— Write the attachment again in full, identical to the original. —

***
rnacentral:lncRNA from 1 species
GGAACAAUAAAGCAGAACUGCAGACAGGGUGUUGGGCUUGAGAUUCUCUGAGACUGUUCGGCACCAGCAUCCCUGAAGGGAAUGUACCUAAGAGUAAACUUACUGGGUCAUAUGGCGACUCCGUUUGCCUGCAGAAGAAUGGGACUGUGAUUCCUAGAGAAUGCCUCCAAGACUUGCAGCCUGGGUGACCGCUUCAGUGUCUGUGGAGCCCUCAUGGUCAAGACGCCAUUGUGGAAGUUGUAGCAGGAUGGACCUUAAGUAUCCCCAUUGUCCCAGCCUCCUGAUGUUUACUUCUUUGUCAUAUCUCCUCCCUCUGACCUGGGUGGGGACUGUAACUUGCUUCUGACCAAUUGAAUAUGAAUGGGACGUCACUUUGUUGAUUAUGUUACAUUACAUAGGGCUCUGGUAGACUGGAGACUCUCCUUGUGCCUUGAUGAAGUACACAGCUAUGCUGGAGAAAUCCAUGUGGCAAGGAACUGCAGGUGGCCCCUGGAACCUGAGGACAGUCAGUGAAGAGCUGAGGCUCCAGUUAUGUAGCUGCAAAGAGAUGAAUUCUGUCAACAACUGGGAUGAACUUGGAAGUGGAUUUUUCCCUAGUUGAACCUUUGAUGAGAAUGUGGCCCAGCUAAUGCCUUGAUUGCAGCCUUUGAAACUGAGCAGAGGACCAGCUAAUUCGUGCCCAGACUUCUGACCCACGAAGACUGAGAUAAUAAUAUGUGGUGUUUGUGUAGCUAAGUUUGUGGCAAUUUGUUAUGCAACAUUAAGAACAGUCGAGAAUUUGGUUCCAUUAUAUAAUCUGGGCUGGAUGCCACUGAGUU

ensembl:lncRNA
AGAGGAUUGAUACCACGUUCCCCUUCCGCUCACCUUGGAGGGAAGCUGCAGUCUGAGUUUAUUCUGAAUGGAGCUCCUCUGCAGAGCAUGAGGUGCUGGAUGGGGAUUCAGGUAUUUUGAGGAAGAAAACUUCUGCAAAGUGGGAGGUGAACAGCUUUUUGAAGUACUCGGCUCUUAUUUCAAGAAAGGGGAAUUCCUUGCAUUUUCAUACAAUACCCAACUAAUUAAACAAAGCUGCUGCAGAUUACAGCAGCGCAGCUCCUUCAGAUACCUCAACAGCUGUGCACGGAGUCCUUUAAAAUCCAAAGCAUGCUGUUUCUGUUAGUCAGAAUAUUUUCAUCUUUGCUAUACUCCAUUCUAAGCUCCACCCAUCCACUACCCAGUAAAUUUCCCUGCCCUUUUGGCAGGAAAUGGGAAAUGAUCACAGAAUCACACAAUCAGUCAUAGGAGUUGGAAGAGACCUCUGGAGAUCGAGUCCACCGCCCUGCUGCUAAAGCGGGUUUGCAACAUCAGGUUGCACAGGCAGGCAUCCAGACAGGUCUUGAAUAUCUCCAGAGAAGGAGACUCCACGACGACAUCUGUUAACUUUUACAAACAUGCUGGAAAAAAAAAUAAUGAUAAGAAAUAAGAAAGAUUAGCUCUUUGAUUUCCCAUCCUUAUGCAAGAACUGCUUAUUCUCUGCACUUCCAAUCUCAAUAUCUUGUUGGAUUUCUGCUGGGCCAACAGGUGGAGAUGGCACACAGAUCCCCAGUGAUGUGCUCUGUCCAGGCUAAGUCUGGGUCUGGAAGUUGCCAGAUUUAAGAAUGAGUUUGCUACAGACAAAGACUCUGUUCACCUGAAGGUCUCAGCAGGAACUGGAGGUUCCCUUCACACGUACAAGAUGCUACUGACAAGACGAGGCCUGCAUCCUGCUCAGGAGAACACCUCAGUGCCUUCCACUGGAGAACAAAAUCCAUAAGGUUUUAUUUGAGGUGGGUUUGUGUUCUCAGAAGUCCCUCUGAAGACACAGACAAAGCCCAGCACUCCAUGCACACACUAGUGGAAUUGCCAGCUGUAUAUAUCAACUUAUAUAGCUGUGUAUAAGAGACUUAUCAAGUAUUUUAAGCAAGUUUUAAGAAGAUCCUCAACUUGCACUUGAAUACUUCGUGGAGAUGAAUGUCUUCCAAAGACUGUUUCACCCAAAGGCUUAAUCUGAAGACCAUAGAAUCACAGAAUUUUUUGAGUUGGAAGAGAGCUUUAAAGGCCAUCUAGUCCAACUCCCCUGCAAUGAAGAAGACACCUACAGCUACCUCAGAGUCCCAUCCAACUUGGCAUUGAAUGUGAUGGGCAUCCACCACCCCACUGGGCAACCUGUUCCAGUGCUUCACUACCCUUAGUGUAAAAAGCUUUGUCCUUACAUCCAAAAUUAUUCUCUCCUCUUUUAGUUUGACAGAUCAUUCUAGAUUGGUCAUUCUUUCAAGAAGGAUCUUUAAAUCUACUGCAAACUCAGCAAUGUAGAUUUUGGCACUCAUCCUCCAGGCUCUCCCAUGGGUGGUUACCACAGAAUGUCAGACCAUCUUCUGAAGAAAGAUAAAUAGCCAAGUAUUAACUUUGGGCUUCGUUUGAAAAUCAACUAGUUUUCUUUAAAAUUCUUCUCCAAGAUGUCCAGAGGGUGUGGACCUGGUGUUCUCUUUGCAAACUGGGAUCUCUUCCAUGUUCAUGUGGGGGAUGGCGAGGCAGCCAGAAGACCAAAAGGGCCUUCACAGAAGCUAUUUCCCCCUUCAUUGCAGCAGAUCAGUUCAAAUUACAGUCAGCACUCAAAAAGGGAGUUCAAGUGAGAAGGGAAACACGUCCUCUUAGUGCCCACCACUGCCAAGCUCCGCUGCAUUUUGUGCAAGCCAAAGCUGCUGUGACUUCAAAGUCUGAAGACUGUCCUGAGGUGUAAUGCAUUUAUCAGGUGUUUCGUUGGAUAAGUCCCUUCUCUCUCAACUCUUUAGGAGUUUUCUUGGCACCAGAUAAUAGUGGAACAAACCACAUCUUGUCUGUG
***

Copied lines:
rnacentral:lncRNA from 1 species
GGAACAAUAAAGCAGAACUGCAGACAGGGUGUUGGGCUUGAGAUUCUCUGAGACUGUUCGGCACCAGCAUCCCUGAAGGGAAUGUACCUAAGAGUAAACUUACUGGGUCAUAUGGCGACUCCGUUUGCCUGCAGAAGAAUGGGACUGUGAUUCCUAGAGAAUGCCUCCAAGACUUGCAGCCUGGGUGACCGCUUCAGUGUCUGUGGAGCCCUCAUGGUCAAGACGCCAUUGUGGAAGUUGUAGCAGGAUGGACCUUAAGUAUCCCCAUUGUCCCAGCCUCCUGAUGUUUACUUCUUUGUCAUAUCUCCUCCCUCUGACCUGGGUGGGGACUGUAACUUGCUUCUGACCAAUUGAAUAUGAAUGGGACGUCACUUUGUUGAUUAUGUUACAUUACAUAGGGCUCUGGUAGACUGGAGACUCUCCUUGUGCCUUGAUGAAGUACACAGCUAUGCUGGAGAAAUCCAUGUGGCAAGGAACUGCAGGUGGCCCCUGGAACCUGAGGACAGUCAGUGAAGAGCUGAGGCUCCAGUUAUGUAGCUGCAAAGAGAUGAAUUCUGUCAACAACUGGGAUGAACUUGGAAGUGGAUUUUUCCCUAGUUGAACCUUUGAUGAGAAUGUGGCCCAGCUAAUGCCUUGAUUGCAGCCUUUGAAACUGAGCAGAGGACCAGCUAAUUCGUGCCCAGACUUCUGACCCACGAAGACUGAGAUAAUAAUAUGUGGUGUUUGUGUAGCUAAGUUUGUGGCAAUUUGUUAUGCAACAUUAAGAACAGUCGAGAAUUUGGUUCCAUUAUAUAAUCUGGGCUGGAUGCCACUGAGUU

ensembl:lncRNA
AGAGGAUUGAUACCACGUUCCCCUUCCGCUCACCUUGGAGGGAAGCUGCAGUCUGAGUUUAUUCUGAAUGGAGCUCCUCUGCAGAGCAUGAGGUGCUGGAUGGGGAUUCAGGUAUUUUGAGGAAGAAAACUUCUGCAAAGUGGGAGGUGAACAGCUUUUUGAAGUACUCGGCUCUUAUUUCAAGAAAGGGGAAUUCCUUGCAUUUUCAUACAAUACCCAACUAAUUAAACAAAGCUGCUGCAGAUUACAGCAGCGCAGCUCCUUCAGAUACCUCAACAGCUGUGCACGGAGUCCUUUAAAAUCCAAAGCAUGCUGUUUCUGUUAGUCAGAAUAUUUUCAUCUUUGCUAUACUCCAUUCUAAGCUCCACCCAUCCACUACCCAGUAAAUUUCCCUGCCCUUUUGGCAGGAAAUGGGAAAUGAUCACAGAAUCACACAAUCAGUCAUAGGAGUUGGAAGAGACCUCUGGAGAUCGAGUCCACCGCCCUGCUGCUAAAGCGGGUUUGCAACAUCAGGUUGCACAGGCAGGCAUCCAGACAGGUCUUGAAUAUCUCCAGAGAAGGAGACUCCACGACGACAUCUGUUAACUUUUACAAACAUGCUGGAAAAAAAAAUAAUGAUAAGAAAUAAGAAAGAUUAGCUCUUUGAUUUCCCAUCCUUAUGCAAGAACUGCUUAUUCUCUGCACUUCCAAUCUCAAUAUCUUGUUGGAUUUCUGCUGGGCCAACAGGUGGAGAUGGCACACAGAUCCCCAGUGAUGUGCUCUGUCCAGGCUAAGUCUGGGUCUGGAAGUUGCCAGAUUUAAGAAUGAGUUUGCUACAGACAAAGACUCUGUUCACCUGAAGGUCUCAGCAGGAACUGGAGGUUCCCUUCACACGUACAAGAUGCUACUGACAAGACGAGGCCUGCAUCCUGCUCAGGAGAACACCUCAGUGCCUUCCACUGGAGAACAAAAUCCAUAAGGUUUUAUUUGAGGUGGGUUUGUGUUCUCAGAAGUCCCUCUGAAGACACAGACAAAGCCCAGCACUCCAUGCACACACUAGUGGAAUUGCCAGCUGUAUAUAUCAACUUAUAUAGCUGUGUAUAAGAGACUUAUCAAGUAUUUUAAGCAAGUUUUAAGAAGAUCCUCAACUUGCACUUGAAUACUUCGUGGAGAUGAAUGUCUUCCAAAGACUGUUUCACCCAAAGGCUUAAUCUGAAGACCAUAGAAUCACAGAAUUUUUUGAGUUGGAAGAGAGCUUUAAAGGCCAUCUAGUCCAACUCCCCUGCAAUGAAGAAGACACCUACAGCUACCUCAGAGUCCCAUCCAACUUGGCAUUGAAUGUGAUGGGCAUCCACCACCCCACUGGGCAACCUGUUCCAGUGCUUCACUACCCUUAGUGUAAAAAGCUUUGUCCUUACAUCCAAAAUUAUUCUCUCCUCUUUUAGUUUGACAGAUCAUUCUAGAUUGGUCAUUCUUUCAAGAAGGAUCUUUAAAUCUACUGCAAACUCAGCAAUGUAGAUUUUGGCACUCAUCCUCCAGGCUCUCCCAUGGGUGGUUACCACAGAAUGUCAGACCAUCUUCUGAAGAAAGAUAAAUAGCCAAGUAUUAACUUUGGGCUUCGUUUGAAAAUCAACUAGUUUUCUUUAAAAUUCUUCUCCAAGAUGUCCAGAGGGUGUGGACCUGGUGUUCUCUUUGCAAACUGGGAUCUCUUCCAUGUUCAUGUGGGGGAUGGCGAGGCAGCCAGAAGACCAAAAGGGCCUUCACAGAAGCUAUUUCCCCCUUCAUUGCAGCAGAUCAGUUCAAAUUACAGUCAGCACUCAAAAAGGGAGUUCAAGUGAGAAGGGAAACACGUCCUCUUAGUGCCCACCACUGCCAAGCUCCGCUGCAUUUUGUGCAAGCCAAAGCUGCUGUGACUUCAAAGUCUGAAGACUGUCCUGAGGUGUAAUGCAUUUAUCAGGUGUUUCGUUGGAUAAGUCCCUUCUCUCUCAACUCUUUAGGAGUUUUCUUGGCACCAGAUAAUAGUGGAACAAACCACAUCUUGUCUGUG